Viral Vortex and Slow Media
“What if it goes viral?”
Somewhere between a wish and a hope and a mandate, the terms of viral media campaigns have accelerated in the past year and even more so in the past few weeks. With that increased speed of transmission comes media spin cycles traveling so quickly through the public discourse, a viral vortex of visual meaning results.
The #Kony2012 video broke all overnight video viewing records in a matter of days, exceeding organizational expectations with a subsequent public blow-back causing an incendiary backdraft for the Invisible Children organization. A hoped-for 500,000 views resulted in over 100 million. This viral spin managed to scramble intentions of the non-profit and its campaign, with much snarky commentary amid questions of integrity, resulting in apparent nervous breakdown for one of its founders.
So, what happens when a seemingly Good Virus goes awry?
Social Media networks have evolved to a point where an overnight epidemic of messaging is not only possible but an increasingly frequent occurrence. At a recent event hosted by The New School for the 30th anniversary of Paper Tiger TV, the concept of “Slow Media” evolved from a conversation and has been percolating ever since. Like the Slow Foods movement, the concept behind “Slow Media” involves the way we consume media. Do we react on a dime without digesting media, without listening, considering and thinking before the comments and the shareware activate?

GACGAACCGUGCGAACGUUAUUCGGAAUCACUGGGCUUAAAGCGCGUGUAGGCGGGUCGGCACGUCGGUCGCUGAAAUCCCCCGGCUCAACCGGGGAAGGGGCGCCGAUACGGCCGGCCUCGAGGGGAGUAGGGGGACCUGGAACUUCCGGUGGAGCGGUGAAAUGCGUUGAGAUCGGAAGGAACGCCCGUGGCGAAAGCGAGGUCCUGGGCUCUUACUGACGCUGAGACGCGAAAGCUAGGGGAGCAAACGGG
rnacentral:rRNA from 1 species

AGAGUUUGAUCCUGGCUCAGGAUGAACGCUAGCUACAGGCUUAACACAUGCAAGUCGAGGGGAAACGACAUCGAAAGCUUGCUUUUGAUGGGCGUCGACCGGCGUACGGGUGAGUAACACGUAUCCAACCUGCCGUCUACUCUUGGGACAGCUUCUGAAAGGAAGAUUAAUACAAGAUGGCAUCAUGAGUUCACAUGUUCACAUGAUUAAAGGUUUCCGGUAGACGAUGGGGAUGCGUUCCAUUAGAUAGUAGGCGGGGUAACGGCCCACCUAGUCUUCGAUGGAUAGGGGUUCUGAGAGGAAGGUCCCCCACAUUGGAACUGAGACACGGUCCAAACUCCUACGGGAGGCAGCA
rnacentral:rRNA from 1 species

How do these concepts apply to media? How can we slow down our consumption so we can contemplate messages before we respond and react? Can we light a candle to calm ourselves in the face of so many screaming messages looking to “go viral”? How many can we possibly pass on in a single day and still retain a coherency to our own personal messaging? And what does all of this frenetic contagion do to our appreciation of aesthetics, the visual experience, the transformative power of a message we believe in strongly enough to share?